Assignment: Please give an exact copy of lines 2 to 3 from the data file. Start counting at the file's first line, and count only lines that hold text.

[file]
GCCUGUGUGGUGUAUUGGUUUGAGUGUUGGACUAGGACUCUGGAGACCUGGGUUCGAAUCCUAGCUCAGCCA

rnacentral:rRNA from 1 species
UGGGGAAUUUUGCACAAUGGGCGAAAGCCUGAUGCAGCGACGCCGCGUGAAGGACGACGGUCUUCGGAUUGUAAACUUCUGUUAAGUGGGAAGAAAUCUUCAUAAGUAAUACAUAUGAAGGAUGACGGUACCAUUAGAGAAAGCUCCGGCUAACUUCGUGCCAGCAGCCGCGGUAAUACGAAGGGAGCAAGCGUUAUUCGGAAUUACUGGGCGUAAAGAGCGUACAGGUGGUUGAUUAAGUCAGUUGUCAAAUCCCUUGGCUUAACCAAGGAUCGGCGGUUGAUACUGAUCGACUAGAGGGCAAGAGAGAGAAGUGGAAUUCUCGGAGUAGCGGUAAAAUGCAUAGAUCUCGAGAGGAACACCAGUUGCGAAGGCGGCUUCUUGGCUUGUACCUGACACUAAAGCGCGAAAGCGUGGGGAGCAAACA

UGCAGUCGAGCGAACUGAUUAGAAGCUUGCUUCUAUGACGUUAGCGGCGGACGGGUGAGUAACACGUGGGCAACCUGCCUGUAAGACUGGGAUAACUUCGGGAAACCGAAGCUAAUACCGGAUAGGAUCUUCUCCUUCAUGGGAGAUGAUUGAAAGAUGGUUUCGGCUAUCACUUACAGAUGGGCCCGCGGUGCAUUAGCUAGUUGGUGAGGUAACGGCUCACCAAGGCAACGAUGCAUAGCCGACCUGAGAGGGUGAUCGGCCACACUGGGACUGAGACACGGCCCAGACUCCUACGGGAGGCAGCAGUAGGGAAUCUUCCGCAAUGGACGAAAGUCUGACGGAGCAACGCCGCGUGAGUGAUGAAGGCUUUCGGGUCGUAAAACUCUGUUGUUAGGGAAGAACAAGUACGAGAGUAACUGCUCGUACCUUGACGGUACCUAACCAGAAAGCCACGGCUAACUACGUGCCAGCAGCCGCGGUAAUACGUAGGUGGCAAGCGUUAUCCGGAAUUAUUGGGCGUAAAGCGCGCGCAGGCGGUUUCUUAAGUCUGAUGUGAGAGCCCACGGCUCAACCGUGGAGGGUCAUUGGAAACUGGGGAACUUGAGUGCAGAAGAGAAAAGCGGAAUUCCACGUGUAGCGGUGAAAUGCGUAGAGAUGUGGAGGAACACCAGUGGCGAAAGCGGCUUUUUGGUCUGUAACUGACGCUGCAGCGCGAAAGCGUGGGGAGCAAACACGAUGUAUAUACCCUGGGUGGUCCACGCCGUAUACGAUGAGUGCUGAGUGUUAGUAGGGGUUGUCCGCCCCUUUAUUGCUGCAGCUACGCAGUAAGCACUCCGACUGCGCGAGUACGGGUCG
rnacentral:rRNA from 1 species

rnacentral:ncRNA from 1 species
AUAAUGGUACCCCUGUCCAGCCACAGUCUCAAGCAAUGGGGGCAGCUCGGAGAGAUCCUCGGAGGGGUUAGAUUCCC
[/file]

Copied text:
rnacentral:rRNA from 1 species
UGGGGAAUUUUGCACAAUGGGCGAAAGCCUGAUGCAGCGACGCCGCGUGAAGGACGACGGUCUUCGGAUUGUAAACUUCUGUUAAGUGGGAAGAAAUCUUCAUAAGUAAUACAUAUGAAGGAUGACGGUACCAUUAGAGAAAGCUCCGGCUAACUUCGUGCCAGCAGCCGCGGUAAUACGAAGGGAGCAAGCGUUAUUCGGAAUUACUGGGCGUAAAGAGCGUACAGGUGGUUGAUUAAGUCAGUUGUCAAAUCCCUUGGCUUAACCAAGGAUCGGCGGUUGAUACUGAUCGACUAGAGGGCAAGAGAGAGAAGUGGAAUUCUCGGAGUAGCGGUAAAAUGCAUAGAUCUCGAGAGGAACACCAGUUGCGAAGGCGGCUUCUUGGCUUGUACCUGACACUAAAGCGCGAAAGCGUGGGGAGCAAACA